In 1961, they premiered an adults-only puppet show, “Les Poupees de Paris,” at a dinner club in Los Angeles called the Gilded Rafters. Mae West, Richard Nixon and Liberace were in the audience on opening night. Johnny Carson caught a performance and deadpanned that it was the only performance he had ever seen by “naughty pine.”
The Kroffts began renting out their puppet and production savvy. They designed stage productions for fairs and amusement parks, took corporate work from Ford and Coca-Cola, and did some work for Walt Disney as well. Marty had crossed paths with the entertainment icon in 1959; Marty was at the Polo Lounge having drinks with Charisse when Disney stopped by to chat and gave him a bit of advice.
As Marty remembers it: “He told me, ‘The one thing to remember is, don’t ever sell anything you create and always put your name above the title, whatever you do. They’ll fight you off from doing it, but stick to it.’ The only thing he didn’t tell me was how to save money.”
Afew weeks before the Studio City interview, Marty was roaming the set of “Land of the Lost” out near the Trona Pinnacles, the eerie tufa rock formations that jut up from the desert floor past Palmdale. The spires, formed beneath the water of an ancient alkaline lake, have been used as a Hollywood location dating back to the ‘60s TV series “Lost in Space.”
“Look at this place. I never thought I would live to see one of our shows become something like this,” Marty said as he shaded his eyes from the sun. He nodded toward the trailers, tents, cameras, sets, props and a small army of crew members. “They spend more in one day than we spent in a year of making our shows.”
That’s a common pattern these days. Any character ever featured on a child’s lunchbox is fair game for a big-budget Hollywood treatment. Superhero films, of course, are a full-on bonanza, with “The Dark Knight” setting box-office records by the day.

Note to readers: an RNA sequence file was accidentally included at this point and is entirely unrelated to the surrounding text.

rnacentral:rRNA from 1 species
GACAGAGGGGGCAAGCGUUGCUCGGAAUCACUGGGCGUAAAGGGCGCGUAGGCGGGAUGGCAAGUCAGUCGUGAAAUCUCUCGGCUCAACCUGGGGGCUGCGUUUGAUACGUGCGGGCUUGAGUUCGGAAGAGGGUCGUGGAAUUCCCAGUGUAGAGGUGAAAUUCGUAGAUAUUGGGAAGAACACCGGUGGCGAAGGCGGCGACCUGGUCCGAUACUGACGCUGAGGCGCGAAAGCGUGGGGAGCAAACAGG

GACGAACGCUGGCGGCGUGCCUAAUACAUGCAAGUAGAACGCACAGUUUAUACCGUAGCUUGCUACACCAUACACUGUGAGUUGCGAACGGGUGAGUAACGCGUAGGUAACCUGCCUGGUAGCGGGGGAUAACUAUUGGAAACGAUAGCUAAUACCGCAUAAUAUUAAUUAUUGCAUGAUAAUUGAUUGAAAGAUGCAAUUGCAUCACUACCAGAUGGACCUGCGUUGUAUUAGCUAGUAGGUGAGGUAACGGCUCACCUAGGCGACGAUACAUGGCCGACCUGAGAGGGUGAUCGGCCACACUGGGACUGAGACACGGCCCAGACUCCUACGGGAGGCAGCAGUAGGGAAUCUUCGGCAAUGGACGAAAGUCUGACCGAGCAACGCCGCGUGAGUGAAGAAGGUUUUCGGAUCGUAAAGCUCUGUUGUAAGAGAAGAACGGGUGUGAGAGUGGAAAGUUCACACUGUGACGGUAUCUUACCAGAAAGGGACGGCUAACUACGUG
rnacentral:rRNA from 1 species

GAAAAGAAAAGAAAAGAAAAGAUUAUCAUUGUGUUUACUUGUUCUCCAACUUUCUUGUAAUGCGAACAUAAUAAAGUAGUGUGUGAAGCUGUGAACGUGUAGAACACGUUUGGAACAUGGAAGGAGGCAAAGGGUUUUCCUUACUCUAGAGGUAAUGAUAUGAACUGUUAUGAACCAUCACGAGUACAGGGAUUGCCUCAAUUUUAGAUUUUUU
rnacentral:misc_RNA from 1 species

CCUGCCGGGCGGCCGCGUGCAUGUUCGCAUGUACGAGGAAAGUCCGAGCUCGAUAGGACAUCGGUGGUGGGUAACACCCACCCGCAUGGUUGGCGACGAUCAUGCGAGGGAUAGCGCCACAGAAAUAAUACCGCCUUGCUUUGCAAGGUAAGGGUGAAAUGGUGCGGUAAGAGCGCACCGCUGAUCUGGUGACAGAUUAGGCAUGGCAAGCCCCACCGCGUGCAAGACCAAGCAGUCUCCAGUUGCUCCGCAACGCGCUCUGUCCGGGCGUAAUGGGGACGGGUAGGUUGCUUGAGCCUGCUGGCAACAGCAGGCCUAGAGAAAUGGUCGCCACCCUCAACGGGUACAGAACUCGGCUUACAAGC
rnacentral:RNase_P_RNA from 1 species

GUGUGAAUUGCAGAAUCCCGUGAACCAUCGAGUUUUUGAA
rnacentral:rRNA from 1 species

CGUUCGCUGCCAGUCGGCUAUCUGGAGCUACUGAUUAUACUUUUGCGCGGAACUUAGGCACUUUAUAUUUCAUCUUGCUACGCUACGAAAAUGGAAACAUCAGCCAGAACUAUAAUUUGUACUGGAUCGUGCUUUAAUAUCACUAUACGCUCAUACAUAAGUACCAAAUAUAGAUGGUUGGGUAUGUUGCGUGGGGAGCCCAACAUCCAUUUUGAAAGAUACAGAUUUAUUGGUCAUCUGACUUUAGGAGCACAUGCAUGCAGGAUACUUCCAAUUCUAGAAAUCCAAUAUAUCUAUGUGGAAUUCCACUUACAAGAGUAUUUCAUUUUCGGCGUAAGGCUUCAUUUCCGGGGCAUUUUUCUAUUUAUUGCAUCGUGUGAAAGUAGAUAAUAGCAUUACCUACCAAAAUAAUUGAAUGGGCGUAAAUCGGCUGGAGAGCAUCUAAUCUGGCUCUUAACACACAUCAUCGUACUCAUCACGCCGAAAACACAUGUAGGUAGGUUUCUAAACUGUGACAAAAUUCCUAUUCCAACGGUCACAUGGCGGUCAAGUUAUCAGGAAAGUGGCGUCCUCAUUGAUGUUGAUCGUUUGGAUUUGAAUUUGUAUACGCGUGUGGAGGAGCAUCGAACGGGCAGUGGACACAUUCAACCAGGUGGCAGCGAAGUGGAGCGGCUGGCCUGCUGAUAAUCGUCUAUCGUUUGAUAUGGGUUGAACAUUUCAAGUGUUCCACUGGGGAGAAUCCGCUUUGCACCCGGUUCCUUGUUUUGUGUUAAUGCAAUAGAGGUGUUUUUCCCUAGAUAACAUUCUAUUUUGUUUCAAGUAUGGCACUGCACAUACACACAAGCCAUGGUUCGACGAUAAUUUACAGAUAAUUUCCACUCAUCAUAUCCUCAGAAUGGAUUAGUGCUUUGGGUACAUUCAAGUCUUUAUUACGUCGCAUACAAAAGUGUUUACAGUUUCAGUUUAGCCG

The movie adaptation of “Land of the Lost” looks like the last great hurrah for the Kroffts, but if you listen to Marty’s relentless pitch, the windfall is just the beginning. He said the Krofft library may now be worth as much as $25 million and could become “the next Marvel Comics,” a reference to the comic-book company that has watched its 1960s creations (Spider-Man, the X-Men, Iron Man, etc.) take flight as 21st century blockbuster films.
“The Krofft era,” Marty declared, “is starting right now.”
Perhaps, but not all the Saturday-morning shows in the Krofft library are easy fits as feature films. The brothers say they have a former writer for “The Simpsons” working on a script for “Sigmund and the Sea Monsters,” the show that had Billy Barty portraying a skittish little marine monster with tentacles (he resembled a pea-colored SpongeBob SquarePants with seaweed for hair) who is taken home by two boys. A movie could be a sort of meld of “E.T.: The Extra-Terrestrial” and “Splash,” the Kroffts hope.
Most of all, the brothers would love to make a feature film of “H.R. Pufnstuf,” the show Sid describes as “our first baby.” The plot was about a teen, portrayed by Oscar-nominated “Oliver!” star Jack Wild, who finds himself on Living Island (where everything -- houses, books, plants, candles -- can talk). He meets the title character, a rotund dragon, and matches wits with the shrill Wilhelmina W. Witchiepoo.